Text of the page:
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The future of the life sciences industries: transformation amid rising risk | Whitepaper


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The future of the life sciences industries: Transformation amid rising riskCharles Darwin once said, “It is not necessarily the strongest that survive or the most intelligent but the one most responsive to change.” The same can be said of businesses confronted with new market realities—and the life sciences industry is no different. There are numerous factors necessitating a new way of doing things. The traditional sales base for pharmaceutical companies is rapidly shrinking due to loss of patent protection and competition from generics. The costs of innovation and R&D have skyrocketed. Governments and insurers are wavering over the reimbursement of new products. Reputational risk, an increased emphasis on transparency from regulators, and the impact of non-governmental organizations are also presenting considerable pressures. Transformation is fast becoming an imperative—especially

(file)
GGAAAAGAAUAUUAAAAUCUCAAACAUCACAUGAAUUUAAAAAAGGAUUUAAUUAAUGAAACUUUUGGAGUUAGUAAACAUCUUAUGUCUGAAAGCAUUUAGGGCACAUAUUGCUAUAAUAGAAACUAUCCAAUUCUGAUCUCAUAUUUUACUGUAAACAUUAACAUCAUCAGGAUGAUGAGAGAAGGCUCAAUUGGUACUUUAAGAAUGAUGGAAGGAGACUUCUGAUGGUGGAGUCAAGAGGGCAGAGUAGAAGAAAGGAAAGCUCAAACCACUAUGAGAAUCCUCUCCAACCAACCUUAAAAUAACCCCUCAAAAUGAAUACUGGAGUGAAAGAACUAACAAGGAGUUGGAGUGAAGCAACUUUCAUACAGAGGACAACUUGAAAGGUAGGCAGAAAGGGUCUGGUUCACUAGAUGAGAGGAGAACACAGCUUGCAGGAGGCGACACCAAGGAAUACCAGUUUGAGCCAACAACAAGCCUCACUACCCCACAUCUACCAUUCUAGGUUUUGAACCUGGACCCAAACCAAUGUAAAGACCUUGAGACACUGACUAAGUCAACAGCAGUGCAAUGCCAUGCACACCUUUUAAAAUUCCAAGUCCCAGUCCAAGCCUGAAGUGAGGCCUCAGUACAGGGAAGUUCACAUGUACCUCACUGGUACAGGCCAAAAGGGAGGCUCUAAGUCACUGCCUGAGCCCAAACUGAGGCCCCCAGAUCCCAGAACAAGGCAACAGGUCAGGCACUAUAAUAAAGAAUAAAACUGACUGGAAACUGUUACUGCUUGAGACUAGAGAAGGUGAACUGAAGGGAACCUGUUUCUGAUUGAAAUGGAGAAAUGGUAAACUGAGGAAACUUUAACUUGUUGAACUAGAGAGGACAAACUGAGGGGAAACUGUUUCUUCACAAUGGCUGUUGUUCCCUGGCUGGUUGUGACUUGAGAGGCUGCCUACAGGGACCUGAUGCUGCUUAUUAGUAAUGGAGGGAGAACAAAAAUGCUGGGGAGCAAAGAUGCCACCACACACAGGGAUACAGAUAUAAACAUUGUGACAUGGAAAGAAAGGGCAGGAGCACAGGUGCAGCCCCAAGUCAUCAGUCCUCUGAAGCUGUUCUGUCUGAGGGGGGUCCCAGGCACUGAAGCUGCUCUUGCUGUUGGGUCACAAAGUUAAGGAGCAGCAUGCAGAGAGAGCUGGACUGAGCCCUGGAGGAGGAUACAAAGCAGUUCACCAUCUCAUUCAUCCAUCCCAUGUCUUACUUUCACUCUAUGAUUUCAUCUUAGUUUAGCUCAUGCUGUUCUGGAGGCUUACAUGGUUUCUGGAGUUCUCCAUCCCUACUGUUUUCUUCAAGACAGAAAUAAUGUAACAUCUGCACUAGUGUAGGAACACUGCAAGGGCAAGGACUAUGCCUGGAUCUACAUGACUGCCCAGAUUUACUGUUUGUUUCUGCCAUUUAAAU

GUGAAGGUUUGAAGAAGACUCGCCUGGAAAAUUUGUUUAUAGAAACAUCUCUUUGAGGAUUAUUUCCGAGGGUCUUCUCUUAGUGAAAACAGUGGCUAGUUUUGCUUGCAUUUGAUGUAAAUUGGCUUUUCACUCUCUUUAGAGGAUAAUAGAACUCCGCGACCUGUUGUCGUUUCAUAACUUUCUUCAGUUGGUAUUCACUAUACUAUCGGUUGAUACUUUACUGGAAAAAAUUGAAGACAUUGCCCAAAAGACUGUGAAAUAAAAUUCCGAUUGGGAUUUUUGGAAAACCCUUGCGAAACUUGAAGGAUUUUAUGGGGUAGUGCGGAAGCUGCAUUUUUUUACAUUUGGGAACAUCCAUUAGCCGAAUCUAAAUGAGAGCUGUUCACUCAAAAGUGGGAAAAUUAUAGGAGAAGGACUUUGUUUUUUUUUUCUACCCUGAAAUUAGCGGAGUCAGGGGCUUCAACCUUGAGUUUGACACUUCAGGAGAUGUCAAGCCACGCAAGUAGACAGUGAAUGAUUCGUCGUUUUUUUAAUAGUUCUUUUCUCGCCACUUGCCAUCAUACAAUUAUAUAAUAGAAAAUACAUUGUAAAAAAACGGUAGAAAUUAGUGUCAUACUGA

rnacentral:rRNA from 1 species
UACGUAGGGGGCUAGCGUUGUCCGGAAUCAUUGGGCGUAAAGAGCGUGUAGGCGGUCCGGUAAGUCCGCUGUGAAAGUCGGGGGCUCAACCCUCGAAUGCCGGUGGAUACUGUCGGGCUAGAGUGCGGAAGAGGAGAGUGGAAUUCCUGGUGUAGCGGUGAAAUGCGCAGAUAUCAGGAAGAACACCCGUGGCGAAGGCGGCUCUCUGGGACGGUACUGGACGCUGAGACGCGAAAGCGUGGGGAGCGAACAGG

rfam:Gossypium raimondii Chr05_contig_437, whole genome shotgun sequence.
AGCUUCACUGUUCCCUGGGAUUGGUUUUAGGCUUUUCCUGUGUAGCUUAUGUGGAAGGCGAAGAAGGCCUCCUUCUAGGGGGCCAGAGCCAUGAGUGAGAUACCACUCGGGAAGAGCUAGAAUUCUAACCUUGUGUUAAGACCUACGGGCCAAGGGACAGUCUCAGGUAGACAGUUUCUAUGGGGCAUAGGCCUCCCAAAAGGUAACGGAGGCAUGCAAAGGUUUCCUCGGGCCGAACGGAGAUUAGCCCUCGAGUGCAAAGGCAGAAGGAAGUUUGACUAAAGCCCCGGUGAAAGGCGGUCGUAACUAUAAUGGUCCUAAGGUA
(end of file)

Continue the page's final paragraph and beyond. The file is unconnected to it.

given today’s volatile economic outlook.

But are life sciences companies prepared to transform themselves—and if so, how?

In seeking to answer these questions, the Deloitte Touche Tohmatsu (DTT) Life Sciences and Health Care (LSHC) Industry Group, in collaboration with the Economist Intelligence Unit (EIU), conducted a research program in which 360 senior life sciences industry executives were surveyed and leaders of the business and regulatory communities, and academia were interviewed. The resultant white paper, The future of the life sciences industries: Transformation amid rising risk, reveals a potential sea change in the life sciences business model, with many companies looking to move from a high-risk, high-margin business to one with managed risks and more conservative margins. This shift will likely involve transformation throughout an entire company—from its sales and marketing approaches, to its cultivation of talent, to its relationship with regulators.

Yet action from within companies may not be enough. This report also seeks solutions from a wide range of sources, pointing to greater collaboration among industry stakeholders as well as gleaning insights from outside the life sciences industry. Because you can’t meet the challenges of tomorrow with yesterday’s
tools—and expect to survive.

Robert Go

DTT Global Life Sciences and Health Care Industry Group Leader

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